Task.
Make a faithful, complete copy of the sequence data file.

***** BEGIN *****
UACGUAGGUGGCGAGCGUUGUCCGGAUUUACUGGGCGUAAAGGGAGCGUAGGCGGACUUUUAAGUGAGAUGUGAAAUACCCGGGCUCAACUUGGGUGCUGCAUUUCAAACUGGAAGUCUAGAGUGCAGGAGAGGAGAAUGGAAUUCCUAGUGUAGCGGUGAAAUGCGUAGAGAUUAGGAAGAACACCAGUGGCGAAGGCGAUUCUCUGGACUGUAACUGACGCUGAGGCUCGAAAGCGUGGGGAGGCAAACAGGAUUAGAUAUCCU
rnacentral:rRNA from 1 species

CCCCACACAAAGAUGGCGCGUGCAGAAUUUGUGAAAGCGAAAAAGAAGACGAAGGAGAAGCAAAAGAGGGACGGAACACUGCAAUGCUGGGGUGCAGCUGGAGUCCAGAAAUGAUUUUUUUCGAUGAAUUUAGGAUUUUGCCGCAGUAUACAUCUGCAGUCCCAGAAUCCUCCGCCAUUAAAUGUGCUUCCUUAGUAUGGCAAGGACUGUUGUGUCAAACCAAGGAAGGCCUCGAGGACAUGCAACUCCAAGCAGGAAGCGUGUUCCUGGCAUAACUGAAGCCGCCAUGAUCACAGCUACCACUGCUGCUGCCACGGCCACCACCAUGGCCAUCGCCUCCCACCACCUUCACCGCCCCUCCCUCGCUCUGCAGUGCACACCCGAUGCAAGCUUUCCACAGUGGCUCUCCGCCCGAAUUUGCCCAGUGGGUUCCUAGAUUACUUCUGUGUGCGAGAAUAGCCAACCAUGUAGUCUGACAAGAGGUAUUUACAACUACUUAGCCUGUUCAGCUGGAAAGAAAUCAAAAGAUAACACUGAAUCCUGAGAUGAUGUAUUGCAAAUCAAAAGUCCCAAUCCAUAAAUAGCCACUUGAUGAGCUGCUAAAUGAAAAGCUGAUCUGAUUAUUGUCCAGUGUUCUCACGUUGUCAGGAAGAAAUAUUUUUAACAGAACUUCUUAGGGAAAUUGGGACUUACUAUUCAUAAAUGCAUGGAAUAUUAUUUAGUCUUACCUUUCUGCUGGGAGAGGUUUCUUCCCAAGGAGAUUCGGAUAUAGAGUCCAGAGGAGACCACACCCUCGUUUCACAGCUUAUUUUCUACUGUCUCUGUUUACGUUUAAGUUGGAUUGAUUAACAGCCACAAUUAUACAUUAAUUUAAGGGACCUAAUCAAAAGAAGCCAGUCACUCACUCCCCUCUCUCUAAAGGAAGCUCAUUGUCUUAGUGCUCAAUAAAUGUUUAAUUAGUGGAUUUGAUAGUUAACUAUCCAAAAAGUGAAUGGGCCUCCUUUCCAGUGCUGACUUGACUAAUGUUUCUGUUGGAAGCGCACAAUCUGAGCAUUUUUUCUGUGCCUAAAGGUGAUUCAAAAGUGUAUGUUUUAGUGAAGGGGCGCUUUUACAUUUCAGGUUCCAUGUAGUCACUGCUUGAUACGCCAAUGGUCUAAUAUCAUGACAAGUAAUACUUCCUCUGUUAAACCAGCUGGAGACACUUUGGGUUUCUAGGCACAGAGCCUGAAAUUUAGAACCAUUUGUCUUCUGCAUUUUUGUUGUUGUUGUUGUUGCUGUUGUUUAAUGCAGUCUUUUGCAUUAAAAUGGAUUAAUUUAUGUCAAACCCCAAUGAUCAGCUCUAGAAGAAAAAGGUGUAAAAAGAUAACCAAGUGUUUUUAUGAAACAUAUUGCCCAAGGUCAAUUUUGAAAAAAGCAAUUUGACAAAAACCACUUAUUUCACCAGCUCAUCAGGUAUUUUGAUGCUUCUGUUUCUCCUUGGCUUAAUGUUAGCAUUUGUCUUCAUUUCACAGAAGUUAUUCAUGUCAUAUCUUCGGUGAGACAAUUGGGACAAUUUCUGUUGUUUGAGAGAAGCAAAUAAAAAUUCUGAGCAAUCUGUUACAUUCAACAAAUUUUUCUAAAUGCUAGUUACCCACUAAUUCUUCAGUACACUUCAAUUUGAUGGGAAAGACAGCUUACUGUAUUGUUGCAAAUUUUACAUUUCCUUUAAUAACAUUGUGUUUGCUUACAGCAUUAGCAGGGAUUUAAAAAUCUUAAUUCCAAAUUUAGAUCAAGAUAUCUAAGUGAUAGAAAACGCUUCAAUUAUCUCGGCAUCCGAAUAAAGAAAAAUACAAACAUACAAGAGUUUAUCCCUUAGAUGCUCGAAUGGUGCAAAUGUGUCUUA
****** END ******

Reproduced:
UACGUAGGUGGCGAGCGUUGUCCGGAUUUACUGGGCGUAAAGGGAGCGUAGGCGGACUUUUAAGUGAGAUGUGAAAUACCCGGGCUCAACUUGGGUGCUGCAUUUCAAACUGGAAGUCUAGAGUGCAGGAGAGGAGAAUGGAAUUCCUAGUGUAGCGGUGAAAUGCGUAGAGAUUAGGAAGAACACCAGUGGCGAAGGCGAUUCUCUGGACUGUAACUGACGCUGAGGCUCGAAAGCGUGGGGAGGCAAACAGGAUUAGAUAUCCU
rnacentral:rRNA from 1 species

CCCCACACAAAGAUGGCGCGUGCAGAAUUUGUGAAAGCGAAAAAGAAGACGAAGGAGAAGCAAAAGAGGGACGGAACACUGCAAUGCUGGGGUGCAGCUGGAGUCCAGAAAUGAUUUUUUUCGAUGAAUUUAGGAUUUUGCCGCAGUAUACAUCUGCAGUCCCAGAAUCCUCCGCCAUUAAAUGUGCUUCCUUAGUAUGGCAAGGACUGUUGUGUCAAACCAAGGAAGGCCUCGAGGACAUGCAACUCCAAGCAGGAAGCGUGUUCCUGGCAUAACUGAAGCCGCCAUGAUCACAGCUACCACUGCUGCUGCCACGGCCACCACCAUGGCCAUCGCCUCCCACCACCUUCACCGCCCCUCCCUCGCUCUGCAGUGCACACCCGAUGCAAGCUUUCCACAGUGGCUCUCCGCCCGAAUUUGCCCAGUGGGUUCCUAGAUUACUUCUGUGUGCGAGAAUAGCCAACCAUGUAGUCUGACAAGAGGUAUUUACAACUACUUAGCCUGUUCAGCUGGAAAGAAAUCAAAAGAUAACACUGAAUCCUGAGAUGAUGUAUUGCAAAUCAAAAGUCCCAAUCCAUAAAUAGCCACUUGAUGAGCUGCUAAAUGAAAAGCUGAUCUGAUUAUUGUCCAGUGUUCUCACGUUGUCAGGAAGAAAUAUUUUUAACAGAACUUCUUAGGGAAAUUGGGACUUACUAUUCAUAAAUGCAUGGAAUAUUAUUUAGUCUUACCUUUCUGCUGGGAGAGGUUUCUUCCCAAGGAGAUUCGGAUAUAGAGUCCAGAGGAGACCACACCCUCGUUUCACAGCUUAUUUUCUACUGUCUCUGUUUACGUUUAAGUUGGAUUGAUUAACAGCCACAAUUAUACAUUAAUUUAAGGGACCUAAUCAAAAGAAGCCAGUCACUCACUCCCCUCUCUCUAAAGGAAGCUCAUUGUCUUAGUGCUCAAUAAAUGUUUAAUUAGUGGAUUUGAUAGUUAACUAUCCAAAAAGUGAAUGGGCCUCCUUUCCAGUGCUGACUUGACUAAUGUUUCUGUUGGAAGCGCACAAUCUGAGCAUUUUUUCUGUGCCUAAAGGUGAUUCAAAAGUGUAUGUUUUAGUGAAGGGGCGCUUUUACAUUUCAGGUUCCAUGUAGUCACUGCUUGAUACGCCAAUGGUCUAAUAUCAUGACAAGUAAUACUUCCUCUGUUAAACCAGCUGGAGACACUUUGGGUUUCUAGGCACAGAGCCUGAAAUUUAGAACCAUUUGUCUUCUGCAUUUUUGUUGUUGUUGUUGUUGCUGUUGUUUAAUGCAGUCUUUUGCAUUAAAAUGGAUUAAUUUAUGUCAAACCCCAAUGAUCAGCUCUAGAAGAAAAAGGUGUAAAAAGAUAACCAAGUGUUUUUAUGAAACAUAUUGCCCAAGGUCAAUUUUGAAAAAAGCAAUUUGACAAAAACCACUUAUUUCACCAGCUCAUCAGGUAUUUUGAUGCUUCUGUUUCUCCUUGGCUUAAUGUUAGCAUUUGUCUUCAUUUCACAGAAGUUAUUCAUGUCAUAUCUUCGGUGAGACAAUUGGGACAAUUUCUGUUGUUUGAGAGAAGCAAAUAAAAAUUCUGAGCAAUCUGUUACAUUCAACAAAUUUUUCUAAAUGCUAGUUACCCACUAAUUCUUCAGUACACUUCAAUUUGAUGGGAAAGACAGCUUACUGUAUUGUUGCAAAUUUUACAUUUCCUUUAAUAACAUUGUGUUUGCUUACAGCAUUAGCAGGGAUUUAAAAAUCUUAAUUCCAAAUUUAGAUCAAGAUAUCUAAGUGAUAGAAAACGCUUCAAUUAUCUCGGCAUCCGAAUAAAGAAAAAUACAAACAUACAAGAGUUUAUCCCUUAGAUGCUCGAAUGGUGCAAAUGUGUCUUA